The Odd Side – November 11, 2014

A Mere Two Million Rats Make NYC Home, Statistician Says

NEW YORK (Reuters) – There may be 8 million stories in the Big Apple, but one of them — that New York City is home to 8 million rats, or one for every human resident — is probably a tall tale, according to research by a Columbia University statistician.

In truth, the city’s rat population is probably closer to two million, said Jonathan Auerbach, a Columbia doctoral student who wrote an essay on the subject.

The urban lore that there are as many rats as citizens dates back at least a century, Auerbach says. It may have endured in part because reliably estimating the city’s rat population is difficult.

“Animals are terrible survey respondents,” he wrote in the article, which was the winning entry in a young statisticians writing competition organized by London’s Royal Statistical Society.

Auerbach did not let the difficulties deter him, arguing that more precise estimates would be useful given that the rodents spread disease, start fires by chewing on electric cables and occasionally bite people.

His initial plan was to use a method that involves capturing a random sample of rats, marking them, releasing them, and then capturing another random sample of rats.

But the city’s health department, which is responsible for dealing with rats, was not enthralled with the idea, Auerbach wrote.

Instead, he used complaints from the public about rat sightings, which the city tracks and publishes. Combining the data with a number of assumptions, he was able to extrapolate the number of rat-occupied lots to about 40,500 across the city, or less than five percent of the total.

If each inhabited lot is home to a typical colony of 50 rats, that would mean there are about two million rats in the city.

In a statement, the health department called Auerbach’s research “interesting,” but added that there was simply no valid method for counting any large city’s rat population, nor would it be particularly useful if there were.

Deceased Washington State Legislator Headed for Re-Election

SEATTLE (Reuters) – An incumbent Democratic state representative in Washington was headed for a decisive re-election victory last Wednesday even though he died the week before, results indicate.

Roger Freeman, a first-term representative from Federal Way, a city between Seattle and Tacoma, had 53 percent of the vote, compared to 46.9 percent for his Republican challenger, Jack Dovey.

Freeman, 48, died two weeks ago after a battle with cancer. His death came after ballots were mailed to Washington voters, where all voting is done by mail.

“This is extremely rare,” said Brian Zylstra, a spokesman for the secretary of state’s office. “But there are protocols in place.”

Once all ballots are finalized in coming weeks, if Freeman wins the vote, Democrats still will hold on to his seat in the state House of Representatives, Zylstra said.

Democrats in Freeman’s district, which spans two counties, will select three names for a temporary replacement and the King and Pierce County councils will vote to appoint one of those candidates to the seat for one year, according to state election rules.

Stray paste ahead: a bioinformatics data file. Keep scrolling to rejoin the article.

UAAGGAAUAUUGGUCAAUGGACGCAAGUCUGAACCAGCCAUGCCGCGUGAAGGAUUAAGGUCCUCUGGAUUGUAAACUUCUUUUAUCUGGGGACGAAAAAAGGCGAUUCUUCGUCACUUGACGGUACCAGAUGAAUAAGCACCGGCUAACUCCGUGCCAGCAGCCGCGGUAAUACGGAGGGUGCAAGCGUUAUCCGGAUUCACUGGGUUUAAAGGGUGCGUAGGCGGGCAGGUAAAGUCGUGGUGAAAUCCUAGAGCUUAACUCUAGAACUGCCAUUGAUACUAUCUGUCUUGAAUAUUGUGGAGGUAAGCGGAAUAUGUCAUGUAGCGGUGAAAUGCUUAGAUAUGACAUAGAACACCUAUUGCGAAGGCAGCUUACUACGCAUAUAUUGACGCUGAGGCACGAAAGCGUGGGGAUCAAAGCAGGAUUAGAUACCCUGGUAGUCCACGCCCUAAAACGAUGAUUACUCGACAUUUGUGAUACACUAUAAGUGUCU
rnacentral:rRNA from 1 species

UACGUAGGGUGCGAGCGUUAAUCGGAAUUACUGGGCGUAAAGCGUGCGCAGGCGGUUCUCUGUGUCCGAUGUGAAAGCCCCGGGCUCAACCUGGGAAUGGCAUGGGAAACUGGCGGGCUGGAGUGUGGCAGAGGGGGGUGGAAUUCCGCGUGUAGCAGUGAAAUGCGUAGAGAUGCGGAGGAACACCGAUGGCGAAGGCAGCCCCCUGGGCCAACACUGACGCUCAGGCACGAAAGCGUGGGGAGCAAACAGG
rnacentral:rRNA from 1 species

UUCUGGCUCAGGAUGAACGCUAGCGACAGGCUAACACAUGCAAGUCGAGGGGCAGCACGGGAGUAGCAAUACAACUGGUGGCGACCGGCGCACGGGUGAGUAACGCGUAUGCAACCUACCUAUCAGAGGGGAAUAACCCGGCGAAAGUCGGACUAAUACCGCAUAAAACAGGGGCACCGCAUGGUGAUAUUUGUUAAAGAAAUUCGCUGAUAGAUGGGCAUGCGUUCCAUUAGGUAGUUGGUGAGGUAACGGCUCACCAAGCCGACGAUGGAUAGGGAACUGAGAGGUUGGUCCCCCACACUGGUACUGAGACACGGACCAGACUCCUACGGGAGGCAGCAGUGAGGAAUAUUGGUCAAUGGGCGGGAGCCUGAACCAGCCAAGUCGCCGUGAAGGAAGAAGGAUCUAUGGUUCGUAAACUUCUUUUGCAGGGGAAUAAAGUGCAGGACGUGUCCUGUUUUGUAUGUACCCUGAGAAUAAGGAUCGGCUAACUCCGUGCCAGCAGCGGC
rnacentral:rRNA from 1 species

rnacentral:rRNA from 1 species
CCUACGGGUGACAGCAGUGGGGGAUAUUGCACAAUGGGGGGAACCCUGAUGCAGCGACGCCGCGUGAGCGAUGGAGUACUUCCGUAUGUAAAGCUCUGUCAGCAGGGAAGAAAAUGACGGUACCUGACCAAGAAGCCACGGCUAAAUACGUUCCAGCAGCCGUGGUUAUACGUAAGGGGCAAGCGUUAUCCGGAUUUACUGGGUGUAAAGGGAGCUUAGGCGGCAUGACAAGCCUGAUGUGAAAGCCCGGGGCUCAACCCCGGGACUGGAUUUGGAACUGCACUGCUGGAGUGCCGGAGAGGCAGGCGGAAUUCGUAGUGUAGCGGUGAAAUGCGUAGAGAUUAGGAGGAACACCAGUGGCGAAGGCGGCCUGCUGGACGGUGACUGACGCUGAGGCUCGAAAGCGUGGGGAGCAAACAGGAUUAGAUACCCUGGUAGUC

The seat would be on the ballot in 2015 to fill out the remainder of the two-year term, the rules say.

Should the Republican candidate win, he will take the seat in Olympia at the start of the next legislative session.

Former New York Mayor Bloomberg Cancels Purchase Of Insulting Web Domains

NEW YORK (Reuters) – Former New York Mayor Michael Bloomberg called off the purchase of a slew of website domain names that insult and belittle him and his work, a spokeswoman said on Tuesday.

The move came a day after reports that two law firms working for Bloomberg had purchased about 400 such online domains.

The domains included, and, according to an online registry. Others were more insulting, such as and

The purchase of negative website domains is a common strategy among politicians and other public figures in an effort to protect their reputations.

Bloomberg spokeswoman Meghan Womack said his lawyers had been “overly-aggressive” in trying to protect Bloomberg.

“We have requested the immediate release of any domains that are not straightforward,” she said.

The release meant the domains would be publicly available, she said.

Dallas Zoo Sells Rights to Name Baby Giraffe for $50,000

DALLAS (Reuters) – The Dallas Zoo has sold the naming rights for a recently born giraffe for $50,000 to a bidder who asked to remain nameless, a zoo official said on Monday.

No name has yet been selected for the six-foot male calf born on Oct. 26, whose naming rights were sold at an auction at the zoo’s annual fundraiser on Saturday, spokeswoman Laurie Holloway said.

“There was a lot of interest in choosing a name so the timing was perfect since an auction was already planned,” she said.

The money will be used for giraffe conservation efforts in African countries where the animals roam.

The baby giraffe is the 12th in the Dallas Zoo’s herd, which is among the largest in the United States, Holloway said.